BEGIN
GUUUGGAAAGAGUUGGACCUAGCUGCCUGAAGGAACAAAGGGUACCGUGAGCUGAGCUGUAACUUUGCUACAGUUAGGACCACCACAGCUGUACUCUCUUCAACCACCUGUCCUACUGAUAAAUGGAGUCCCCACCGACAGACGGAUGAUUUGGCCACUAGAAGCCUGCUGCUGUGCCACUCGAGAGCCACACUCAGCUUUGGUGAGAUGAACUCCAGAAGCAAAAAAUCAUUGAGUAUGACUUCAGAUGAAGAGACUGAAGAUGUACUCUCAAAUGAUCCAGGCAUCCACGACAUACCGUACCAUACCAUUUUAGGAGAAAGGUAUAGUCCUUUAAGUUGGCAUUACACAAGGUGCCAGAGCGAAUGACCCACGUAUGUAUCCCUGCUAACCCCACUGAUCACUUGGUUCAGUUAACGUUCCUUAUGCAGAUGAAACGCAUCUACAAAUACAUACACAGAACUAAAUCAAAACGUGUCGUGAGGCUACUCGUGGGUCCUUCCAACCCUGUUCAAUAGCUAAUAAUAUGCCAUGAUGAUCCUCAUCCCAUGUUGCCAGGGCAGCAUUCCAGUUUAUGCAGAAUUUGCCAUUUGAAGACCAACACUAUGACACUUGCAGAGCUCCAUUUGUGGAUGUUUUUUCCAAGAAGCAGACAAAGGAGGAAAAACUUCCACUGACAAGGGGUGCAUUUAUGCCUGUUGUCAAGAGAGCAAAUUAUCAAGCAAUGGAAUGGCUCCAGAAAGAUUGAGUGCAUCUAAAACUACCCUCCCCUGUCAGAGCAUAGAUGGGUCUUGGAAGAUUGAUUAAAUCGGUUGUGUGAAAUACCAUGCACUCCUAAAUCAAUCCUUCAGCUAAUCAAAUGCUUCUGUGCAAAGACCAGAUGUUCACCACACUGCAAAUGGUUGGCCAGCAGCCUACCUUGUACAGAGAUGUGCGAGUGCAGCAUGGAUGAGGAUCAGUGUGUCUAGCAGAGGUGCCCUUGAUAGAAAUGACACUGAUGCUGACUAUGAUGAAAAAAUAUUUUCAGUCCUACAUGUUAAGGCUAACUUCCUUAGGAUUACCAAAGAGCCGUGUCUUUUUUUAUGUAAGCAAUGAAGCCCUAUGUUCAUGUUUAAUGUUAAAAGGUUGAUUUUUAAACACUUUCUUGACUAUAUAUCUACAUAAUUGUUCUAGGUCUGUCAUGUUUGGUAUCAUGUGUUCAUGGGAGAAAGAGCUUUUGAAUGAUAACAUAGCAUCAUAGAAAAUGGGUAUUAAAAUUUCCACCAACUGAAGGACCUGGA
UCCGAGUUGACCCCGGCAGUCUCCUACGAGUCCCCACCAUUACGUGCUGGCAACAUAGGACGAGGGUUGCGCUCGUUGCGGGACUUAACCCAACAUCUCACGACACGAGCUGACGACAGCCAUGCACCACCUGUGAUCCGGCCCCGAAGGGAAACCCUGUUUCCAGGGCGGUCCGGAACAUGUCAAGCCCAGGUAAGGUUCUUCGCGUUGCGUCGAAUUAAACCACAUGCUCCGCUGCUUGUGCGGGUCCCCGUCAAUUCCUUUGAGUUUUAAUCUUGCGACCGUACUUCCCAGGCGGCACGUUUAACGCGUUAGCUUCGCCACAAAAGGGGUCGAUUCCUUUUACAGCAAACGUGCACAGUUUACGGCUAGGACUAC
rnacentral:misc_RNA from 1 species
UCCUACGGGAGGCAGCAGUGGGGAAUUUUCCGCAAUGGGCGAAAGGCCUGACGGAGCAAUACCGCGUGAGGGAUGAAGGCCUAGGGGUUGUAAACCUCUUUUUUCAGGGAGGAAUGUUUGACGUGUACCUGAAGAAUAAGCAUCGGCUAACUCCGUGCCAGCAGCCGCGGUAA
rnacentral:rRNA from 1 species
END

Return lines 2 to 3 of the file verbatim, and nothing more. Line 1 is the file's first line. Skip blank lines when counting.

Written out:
UCCGAGUUGACCCCGGCAGUCUCCUACGAGUCCCCACCAUUACGUGCUGGCAACAUAGGACGAGGGUUGCGCUCGUUGCGGGACUUAACCCAACAUCUCACGACACGAGCUGACGACAGCCAUGCACCACCUGUGAUCCGGCCCCGAAGGGAAACCCUGUUUCCAGGGCGGUCCGGAACAUGUCAAGCCCAGGUAAGGUUCUUCGCGUUGCGUCGAAUUAAACCACAUGCUCCGCUGCUUGUGCGGGUCCCCGUCAAUUCCUUUGAGUUUUAAUCUUGCGACCGUACUUCCCAGGCGGCACGUUUAACGCGUUAGCUUCGCCACAAAAGGGGUCGAUUCCUUUUACAGCAAACGUGCACAGUUUACGGCUAGGACUAC
rnacentral:misc_RNA from 1 species